Chinese Science Bulletin, Volume 62, Issue 21: 2407-2415(2017) https://doi.org/10.1360/N972016-01450

A chondrite strewn field was found in east of Lop Nor, Xinjiang

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  • ReceivedJan 24, 2017
  • AcceptedMar 20, 2017
  • PublishedJun 7, 2017


The meteorites are the most important extraterrestrial samples for understanding the formation and the evolution history of the solar system, although ~382 kg lunar samples and ~1500 asteroid mineral grains have been returned by human space exploration activities. The Northwest region of China, especially the Xinjiang, has a vast area of sandy deserts and Gobi Deserts. The lower annual rainfall and the dry climate of this region provide a good condition for meteorite preservation. In recent years, the number of recovered meteorites from the Gobi Deserts in Xinjiang increased significantly. The Sanfengshan area, located about 65 km east of Lop Nor, is one of the research regions. We first collected three ordinary chondrites in Sanfengshan area on October 9, 2013. Then, we carried out 11 meteorite search campaigns in this area. More than 130 meteorite fragments with a total mass over 160 kg have been recovered. The map of all collected Sanfengshan meteorites depicts a clearly 3 km×11 km elliptic strewn field. The sizes are sorted in the SE-NW-oriented ellipsoid of the strewn field, therefore indicating that the meteor entered the atmosphere from SE at a low angle relative to the ground.

In this study, six meteorites (Tuya 002–007) from the Sanfengshan field have been measured using a Scios-FIB field emission scanning electron microscope (SEM), a JXA 8230 electron microprobe analysis (EMA), and a self-made noble gas mass spectrometer. Among all of the collected meteorites, Tuya 002 is the only one unusual sample, which doesn’t show any fusion crust on its surface. We inferred that Tuya 002 is not paired with the other collected meteorites. The well-defined chondrule boundaries and heavy weathering grade, i.e. W3 (the occurrence of large amounts of calcium sulfate in Tuya 002 indicates that it suffered a heavy terrestrial weathering) also support the conclusion that Tuya 002 is obviously different from the other meteorites collected in the Sanfengshan area. In addition to Tuya 002, all the meteorites collected in this region most likely originate from one single meteoric shower. These meteorites all belong to the L5 ordinary chondrite group, with a moderate shock stage of S2 and a heavy weathering grade of W3. The cosmic ray exposure age of Tuya 003 (the representative meteorite of the Sanfenghshan meteoric shower) is 45.6±4.4 Ma. This indicates that the meteoroid that produced the Sanfengshan meteoric shower could be produced in the 45 Ma break-up event on L chondrite parent body. On the other hand, petrographic observations and noble gas measurements shown that Tuya 002 belongs to the L4 ordinary chondrite group. A rather lower CRE age relative to the Sanfengshan L5 chondrites of 17.0±4.1 Ma has been calculated. This also indicates that Tuya 002 is not paired with other L5 meteorites collected in the same strewn field.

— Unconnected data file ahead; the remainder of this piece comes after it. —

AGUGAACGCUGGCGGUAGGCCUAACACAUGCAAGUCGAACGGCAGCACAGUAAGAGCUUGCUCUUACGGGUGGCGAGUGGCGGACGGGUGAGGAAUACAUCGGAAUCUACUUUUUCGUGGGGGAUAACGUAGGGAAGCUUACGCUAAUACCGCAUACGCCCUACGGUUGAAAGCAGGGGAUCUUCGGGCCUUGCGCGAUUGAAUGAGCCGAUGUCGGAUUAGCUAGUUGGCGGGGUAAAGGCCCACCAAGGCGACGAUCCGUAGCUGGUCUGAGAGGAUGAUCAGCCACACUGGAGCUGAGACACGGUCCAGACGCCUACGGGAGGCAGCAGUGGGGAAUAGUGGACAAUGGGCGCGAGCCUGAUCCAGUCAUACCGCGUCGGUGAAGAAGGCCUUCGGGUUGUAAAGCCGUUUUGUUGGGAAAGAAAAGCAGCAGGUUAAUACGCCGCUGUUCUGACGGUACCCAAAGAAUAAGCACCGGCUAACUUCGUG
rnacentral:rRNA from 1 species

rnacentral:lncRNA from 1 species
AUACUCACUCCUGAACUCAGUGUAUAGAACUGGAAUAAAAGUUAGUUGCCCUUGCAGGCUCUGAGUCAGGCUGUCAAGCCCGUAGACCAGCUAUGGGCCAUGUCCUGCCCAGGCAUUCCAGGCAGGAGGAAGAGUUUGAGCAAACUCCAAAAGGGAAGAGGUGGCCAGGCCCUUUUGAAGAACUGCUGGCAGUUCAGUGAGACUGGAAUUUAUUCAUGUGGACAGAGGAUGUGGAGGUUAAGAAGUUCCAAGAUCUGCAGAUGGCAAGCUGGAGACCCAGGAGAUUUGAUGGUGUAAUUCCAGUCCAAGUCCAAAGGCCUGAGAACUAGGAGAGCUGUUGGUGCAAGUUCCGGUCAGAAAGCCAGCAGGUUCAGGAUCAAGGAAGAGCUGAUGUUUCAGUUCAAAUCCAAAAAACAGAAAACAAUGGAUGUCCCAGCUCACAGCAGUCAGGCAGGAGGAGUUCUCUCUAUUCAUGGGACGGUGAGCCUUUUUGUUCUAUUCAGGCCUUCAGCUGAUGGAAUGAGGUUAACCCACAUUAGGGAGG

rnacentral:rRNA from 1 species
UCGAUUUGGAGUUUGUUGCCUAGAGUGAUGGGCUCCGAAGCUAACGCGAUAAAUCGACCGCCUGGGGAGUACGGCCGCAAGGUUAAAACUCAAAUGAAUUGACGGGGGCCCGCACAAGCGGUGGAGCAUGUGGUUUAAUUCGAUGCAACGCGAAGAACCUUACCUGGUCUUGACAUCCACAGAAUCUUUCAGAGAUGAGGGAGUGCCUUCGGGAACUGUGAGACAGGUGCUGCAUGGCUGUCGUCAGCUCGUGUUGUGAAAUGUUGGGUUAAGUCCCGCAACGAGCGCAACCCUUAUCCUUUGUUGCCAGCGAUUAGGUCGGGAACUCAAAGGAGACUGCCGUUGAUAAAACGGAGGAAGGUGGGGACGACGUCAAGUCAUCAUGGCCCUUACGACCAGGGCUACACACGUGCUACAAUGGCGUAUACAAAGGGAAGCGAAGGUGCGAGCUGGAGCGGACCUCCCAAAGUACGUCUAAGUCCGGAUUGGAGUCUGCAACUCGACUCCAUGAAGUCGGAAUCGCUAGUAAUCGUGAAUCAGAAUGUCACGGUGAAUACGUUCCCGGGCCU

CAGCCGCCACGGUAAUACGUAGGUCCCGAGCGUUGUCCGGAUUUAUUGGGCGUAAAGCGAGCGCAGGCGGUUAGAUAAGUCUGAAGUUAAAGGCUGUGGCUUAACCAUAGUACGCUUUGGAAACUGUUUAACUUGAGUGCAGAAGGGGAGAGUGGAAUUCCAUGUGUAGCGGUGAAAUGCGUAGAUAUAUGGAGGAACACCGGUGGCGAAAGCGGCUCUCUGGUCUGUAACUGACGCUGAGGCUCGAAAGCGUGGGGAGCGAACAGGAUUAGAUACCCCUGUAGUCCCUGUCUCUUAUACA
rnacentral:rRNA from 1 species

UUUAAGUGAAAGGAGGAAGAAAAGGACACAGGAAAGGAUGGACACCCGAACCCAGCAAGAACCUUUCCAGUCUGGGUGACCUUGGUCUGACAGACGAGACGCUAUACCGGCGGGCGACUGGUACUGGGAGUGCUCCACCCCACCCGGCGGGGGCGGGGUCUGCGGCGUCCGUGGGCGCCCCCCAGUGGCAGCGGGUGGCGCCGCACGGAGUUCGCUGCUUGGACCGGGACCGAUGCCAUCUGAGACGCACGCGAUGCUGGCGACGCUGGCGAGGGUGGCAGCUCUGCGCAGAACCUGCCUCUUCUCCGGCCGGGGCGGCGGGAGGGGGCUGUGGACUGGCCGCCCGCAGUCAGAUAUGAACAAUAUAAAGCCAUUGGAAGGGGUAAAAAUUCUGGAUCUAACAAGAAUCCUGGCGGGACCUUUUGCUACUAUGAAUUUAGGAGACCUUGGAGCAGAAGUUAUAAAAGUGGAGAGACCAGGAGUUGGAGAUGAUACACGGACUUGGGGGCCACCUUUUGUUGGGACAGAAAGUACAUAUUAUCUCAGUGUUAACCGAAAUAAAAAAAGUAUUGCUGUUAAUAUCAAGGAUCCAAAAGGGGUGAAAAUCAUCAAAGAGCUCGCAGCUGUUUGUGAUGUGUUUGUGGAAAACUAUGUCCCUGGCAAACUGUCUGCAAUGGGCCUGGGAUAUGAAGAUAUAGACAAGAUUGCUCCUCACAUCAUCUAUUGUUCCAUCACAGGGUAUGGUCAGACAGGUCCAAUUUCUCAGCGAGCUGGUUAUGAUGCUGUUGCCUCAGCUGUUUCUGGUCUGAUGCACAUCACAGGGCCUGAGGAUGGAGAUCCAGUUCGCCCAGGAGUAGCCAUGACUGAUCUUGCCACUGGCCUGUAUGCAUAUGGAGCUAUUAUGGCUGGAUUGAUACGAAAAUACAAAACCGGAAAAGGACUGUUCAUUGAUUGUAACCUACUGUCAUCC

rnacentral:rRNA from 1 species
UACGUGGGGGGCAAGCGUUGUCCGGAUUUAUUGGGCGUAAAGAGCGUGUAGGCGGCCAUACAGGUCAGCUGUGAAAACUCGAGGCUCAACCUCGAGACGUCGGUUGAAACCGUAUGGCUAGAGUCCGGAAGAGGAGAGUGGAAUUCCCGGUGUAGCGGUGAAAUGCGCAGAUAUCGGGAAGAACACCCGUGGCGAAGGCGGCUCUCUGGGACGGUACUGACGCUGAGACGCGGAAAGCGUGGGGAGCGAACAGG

Our studies shown that the meteorites collected in Sanfengshan area consist of more than one meteorite fall. It includes the main L5 meteorite fall (produced the Sanfengshan L5 strewn field) and the L4 meteorite fall (represented by Tuya 002). This indicates that the Sanfengshan area is not a meteorite dense area. In recent years, several meteorite dense areas (e.g., Loulan Yizhi, Lop Nur, Argan, and Xingdi) have been gradually reported. The limited meteorite types found in such reported meteorite dense areas indicates that these regions are maybe not the real meteorite dense areas, but probably represents the meteorites strewn field. Therefore, it is necessary, in the future, to carry out detailed petrology, mineralogy, cosmic ray exposure age as well as terrestrial age measurements to identify the meteorite dense area in/around the Xinjiang.

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感谢陨石爱好者王长令、杨可欣、张建立、许建疆和王辉在陨石收集过程中给予的帮助. 感谢伯尔尼大学的Hans-Erich工程师和桂林理工大学的刘奕志工程师在实验过程的帮助. 同时感谢南京大学张爱铖教授对于本文写作给予的鼓励及两位审稿人的建设性修改意见.


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  • Figure 1

    The distribution of meteorites in the deserts in and around Xinjiang. The red areas are the meteorites collection areas. The background map was copied from Google earth

  • Figure 2

    Land surface features of Sanfengshan area where the meteorites were collected. (a) The northwest area; (b) the middle area; (c) the southeast area

  • Figure 3

    Mass distribution of meteorites in Sanfengshan strewn field plotted on a Google earth map. The sizes of the meteorites increase from SE to NW

  • Figure 4

    Pictures of the meteorite of Sanfengshan strewn field. (a) A meteorite with intact fusion crust; (b) the largest fragment (~20 kg) from the largest meteorite from the strewn field, with rhegmalypt on one surface; (c) a 16.2 kg meteorite from the strewn field, with rhegmalypt and fusion crust; (d) Tuya 002, without fusion crust

  • Figure 5

    Back-scattered electron images of polished sections (POP, porphyritic olivine-pyroxene; PO, porphyritic olivine; ol, olivine; pyx, low-Ca pyroxene). (a) Tuya 002; (b) Tuya 003; (c) Tuya 004; (d) Tuya 005

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